In early July 2023, the Environmental Protection Agency (EPA) issued a final rule regarding asbestos reporting. The regulation was issued under the Toxic Substances Control Act (TSCA). It requires asbestos importers, manufacturers and processors to report use and exposure information on all six types of asbestos.
This rule comes after a controversial 2019 final rule that narrowed the scope of required asbestos reporting. This new rule is intended to address asbestos exposure concerns more broadly. Proponents hope this will prevent asbestos contact that can lead to serious health issues like mesothelioma.
What is a final rule? A final rule is a type of administrative regulation. It refers to federal rules that have made their way through the proposal and public comment stages and have a scheduled effective date. Final rules are published in the Federal Register.
What Does the New Final Rule Cover?
The new final rule went into effect August 24, 2023. It requires any entity that manufactured, imported or processed asbestos from 2019 to 2022 with annual sales of $500,000 or more during that time to report its asbestos use. Reports must be submitted within six months of the August 24, 2023, effective date.
Notably, the rule specifically includes any companies that dealt with asbestos as an impurity. This includes products with talc and vermiculite, which can be contaminated with asbestos. Talc and vermiculite are both commonly used in consumer products like makeup, insulation and fertilizers. These products have been named in thousands of asbestos-contamination lawsuits over the years.
Recent History of the EPA’s Asbestos Rules and Risk Evaluations
This new rule comes after years of back-and-forth on final rules, court rulings and risk evaluations between the previous and current administrations. Some important pieces of the asbestos rule puzzle include:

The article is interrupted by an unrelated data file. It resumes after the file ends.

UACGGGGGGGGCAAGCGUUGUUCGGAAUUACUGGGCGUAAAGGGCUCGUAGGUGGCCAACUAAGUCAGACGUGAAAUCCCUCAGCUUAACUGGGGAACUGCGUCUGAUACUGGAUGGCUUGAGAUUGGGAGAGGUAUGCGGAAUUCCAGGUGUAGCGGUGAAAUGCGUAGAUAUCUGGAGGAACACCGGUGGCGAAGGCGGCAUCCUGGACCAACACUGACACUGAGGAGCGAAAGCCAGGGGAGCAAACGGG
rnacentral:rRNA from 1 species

- Risk Evaluation Chemicals Identified (2016): The EPA identified 10 chemicals/minerals for risk evaluation, including asbestos. However, the risk evaluation focused on only new uses of chrysotile asbestos. This excluded the other five types of asbestos and any legacy uses.
- Court Ruling (2019): In a court case, the public health interest group Safer Chemicals, Healthy Families, challenged the decision to evaluate chrysotile asbestos alone. The court decided the EPA should not have excluded legacy uses of asbestos. As a result, the EPA broadened part 2 of the risk evaluation’s scope.
- Risk Evaluation Part 1 Released (2020): The EPA released the first section of its risk evaluation, “Risk Evaluation for Asbestos Part 1: Chrysotile Asbestos.” It concluded that chrysotile asbestos poses an unreasonable risk to human health. The evaluation also defined the scope of part 2, which included legacy uses of asbestos.
- Proposed Chrysotile Asbestos Ban (2022): The EPA proposed a rule to ban all uses of chrysotile asbestos in the United States. The ban has not yet been finalized but is up for review later this year.
- Final Rule on Asbestos Reporting (2023): As covered above, this rule requires reporting on uses of all six types of asbestos.
- Scheduled Release of Risk Evaluation Part 2 (2024): The EPA entered into a consent decree (an agreement between parties submitted to a court) to release part 2 by December 1, 2024.
Why Is the New Final Rule Important?
With all of the regulatory updates, murky language and back-and-forth, it can be challenging for a layperson to determine what the point of each rule is. But in summary, the asbestos use data required by the new final rule could be important in forming other regulations, such as an asbestos ban.
The EPA will use the data reported through the new rule to decide on future asbestos rulings and evaluations. The EPA website provides talc use as an example. According to the EPA, “data collected on asbestos as an impurity could better inform the risk evaluation of the use of asbestos in talc.”
Updated asbestos regulations may help reduce exposure risks. Asbestos exposure can lead to cancers like mesothelioma and lung cancer. Protecting the health of U.S. citizens is one of the EPA’s top functions.